SMAKA: With all the developments in bone anchored solutions, are more people are getting implants?

HEDSTRöM: Yes. The bone-anchored field is a really strong, growing market, and it has been since it started 15 to 20 years ago. With more audiologists, surgeons and patients becoming educated as to who are candidates for this treatment and the benefits, along with developments in technology, it is projected to continue to grow for the foreseeable future.

SMAKA: You mentioned reliability testing. What other kinds of testing has been done on your products?

HEDSTRöM: An independent study was recently conducted to look at differences between our sound processor and Cochlear's BP 100 processor. The study was conducted by researchers at Rigshospitalet in Copenhagen. Rigshospitalet is a leading specialty hospital as well as the largest educational institution for medical science programs in Denmark. The study found statistically significant results that ranked Oticon Medical's Ponto Pro sound processor superior to Cochlear's BP 100 processor in several key benefit areas including speech perception and ease of use.

The study was conducted with12 subjects that were new to bone-anchored devices. Subjects wore the two devices in their daily lives and then evaluated various aspects of them. Out of these 12, 8 patients chose the Ponto Pro over the BP100 for their continued use at the conclusion of the study. Some areas where Ponto Pro scored significantly better were speech perception, improved performance between omni and directional modes and also ease of use. We were very excited by these excellent results from the first independent studies.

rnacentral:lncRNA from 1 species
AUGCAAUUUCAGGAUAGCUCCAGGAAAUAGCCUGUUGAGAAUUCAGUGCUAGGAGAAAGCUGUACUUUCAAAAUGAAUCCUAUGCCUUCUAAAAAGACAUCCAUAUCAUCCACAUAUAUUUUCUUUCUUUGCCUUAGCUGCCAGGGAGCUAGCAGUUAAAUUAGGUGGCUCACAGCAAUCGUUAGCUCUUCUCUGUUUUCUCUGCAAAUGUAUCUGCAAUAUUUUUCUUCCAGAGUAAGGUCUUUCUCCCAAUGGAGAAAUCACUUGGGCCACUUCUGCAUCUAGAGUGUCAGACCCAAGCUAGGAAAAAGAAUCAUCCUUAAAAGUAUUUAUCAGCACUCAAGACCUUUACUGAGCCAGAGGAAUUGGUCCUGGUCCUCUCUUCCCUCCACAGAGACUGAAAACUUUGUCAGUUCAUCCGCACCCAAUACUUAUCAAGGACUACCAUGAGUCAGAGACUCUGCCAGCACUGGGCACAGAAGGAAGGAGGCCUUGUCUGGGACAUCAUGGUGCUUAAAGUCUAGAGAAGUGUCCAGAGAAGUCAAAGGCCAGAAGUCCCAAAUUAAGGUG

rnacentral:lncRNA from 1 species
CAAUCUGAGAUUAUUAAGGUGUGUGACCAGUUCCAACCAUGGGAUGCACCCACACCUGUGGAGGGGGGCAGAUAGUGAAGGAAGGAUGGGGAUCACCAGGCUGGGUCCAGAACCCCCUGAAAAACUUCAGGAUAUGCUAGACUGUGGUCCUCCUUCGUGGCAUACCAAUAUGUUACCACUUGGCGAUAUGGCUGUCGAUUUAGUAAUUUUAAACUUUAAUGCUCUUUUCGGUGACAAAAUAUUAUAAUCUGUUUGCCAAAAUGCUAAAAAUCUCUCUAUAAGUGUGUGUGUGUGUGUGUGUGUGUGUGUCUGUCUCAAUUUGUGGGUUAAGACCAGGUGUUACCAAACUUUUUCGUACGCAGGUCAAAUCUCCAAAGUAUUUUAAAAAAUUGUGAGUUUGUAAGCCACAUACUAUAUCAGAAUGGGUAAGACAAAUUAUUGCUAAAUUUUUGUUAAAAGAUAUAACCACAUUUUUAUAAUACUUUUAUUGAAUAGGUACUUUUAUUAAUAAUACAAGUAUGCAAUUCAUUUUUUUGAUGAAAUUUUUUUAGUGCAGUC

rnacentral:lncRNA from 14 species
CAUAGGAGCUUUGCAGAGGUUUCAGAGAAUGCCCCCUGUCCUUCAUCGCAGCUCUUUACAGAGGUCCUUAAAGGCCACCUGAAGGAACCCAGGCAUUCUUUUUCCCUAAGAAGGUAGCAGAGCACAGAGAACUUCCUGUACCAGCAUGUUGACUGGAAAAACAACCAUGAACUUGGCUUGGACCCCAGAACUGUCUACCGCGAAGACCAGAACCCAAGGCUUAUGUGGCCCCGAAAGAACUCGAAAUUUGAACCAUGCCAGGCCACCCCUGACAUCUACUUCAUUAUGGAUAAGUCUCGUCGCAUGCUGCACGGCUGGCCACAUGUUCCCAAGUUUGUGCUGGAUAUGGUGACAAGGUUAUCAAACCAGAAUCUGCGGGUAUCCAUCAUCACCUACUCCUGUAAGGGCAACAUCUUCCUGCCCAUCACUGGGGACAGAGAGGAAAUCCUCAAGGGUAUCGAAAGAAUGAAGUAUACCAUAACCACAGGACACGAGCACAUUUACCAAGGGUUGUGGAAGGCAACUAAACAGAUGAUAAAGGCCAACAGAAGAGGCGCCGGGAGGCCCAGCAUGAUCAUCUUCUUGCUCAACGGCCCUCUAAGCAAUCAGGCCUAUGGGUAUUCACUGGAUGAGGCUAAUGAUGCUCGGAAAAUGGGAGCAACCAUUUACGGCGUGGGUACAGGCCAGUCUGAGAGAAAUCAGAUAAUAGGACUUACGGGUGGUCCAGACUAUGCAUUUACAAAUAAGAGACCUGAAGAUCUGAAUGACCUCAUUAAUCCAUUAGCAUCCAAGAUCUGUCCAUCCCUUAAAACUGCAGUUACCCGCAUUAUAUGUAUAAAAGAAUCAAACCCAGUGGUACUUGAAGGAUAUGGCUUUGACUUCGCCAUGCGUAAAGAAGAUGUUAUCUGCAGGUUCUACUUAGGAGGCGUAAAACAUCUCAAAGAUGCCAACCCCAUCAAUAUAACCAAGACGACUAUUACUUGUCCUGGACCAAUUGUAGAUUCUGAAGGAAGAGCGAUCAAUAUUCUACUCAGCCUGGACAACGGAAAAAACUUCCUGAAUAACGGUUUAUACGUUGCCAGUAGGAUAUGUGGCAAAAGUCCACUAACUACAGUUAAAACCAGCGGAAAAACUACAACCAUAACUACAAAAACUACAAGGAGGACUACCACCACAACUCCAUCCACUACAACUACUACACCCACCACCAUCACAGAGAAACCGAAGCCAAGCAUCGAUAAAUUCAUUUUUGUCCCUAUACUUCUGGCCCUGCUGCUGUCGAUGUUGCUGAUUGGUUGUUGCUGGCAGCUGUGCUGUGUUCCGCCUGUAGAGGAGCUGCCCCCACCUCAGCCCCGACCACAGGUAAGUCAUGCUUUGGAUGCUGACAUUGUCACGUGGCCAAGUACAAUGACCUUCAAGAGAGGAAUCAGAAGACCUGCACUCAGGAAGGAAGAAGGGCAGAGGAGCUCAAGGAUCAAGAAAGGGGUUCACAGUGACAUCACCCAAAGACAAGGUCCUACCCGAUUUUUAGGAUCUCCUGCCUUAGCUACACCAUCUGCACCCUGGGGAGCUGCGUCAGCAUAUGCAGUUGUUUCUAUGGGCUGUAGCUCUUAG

SMAKA: Is this study published?

HEDSTRöM: Not yet, but the preliminary findings were presented at 11th International Conference on Cochlear Implants and Other Implantable Auditory Technologies in Stockholm, Sweden and the Danish Teknisk Audiologisk Selskab/Danish Technical Audiological Society in Vejle, Denmark.

You'll notice that our tagline at Oticon Medical is "freedom of choice". With these kinds of studies emerging, audiologists can feel confident that they have excellent choices in bone anchored solutions and that there is evidence-based research to support their clinical decision making. The patient needs the best solution to suit their needs, from whatever brand that is. Freedom of choice will bring the market forward, which benefits both the professional as well as the consumer.

SMAKA: Thanks for your time today, Anton.

HEDSTRöM: Thanks for having me.

For more information about the Ponto system, please visit www.oticonmedical.com or the Oticon Medical Web Channel on AudiologyOnline.
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Anton Hedström

Product Manager, Oticon Medical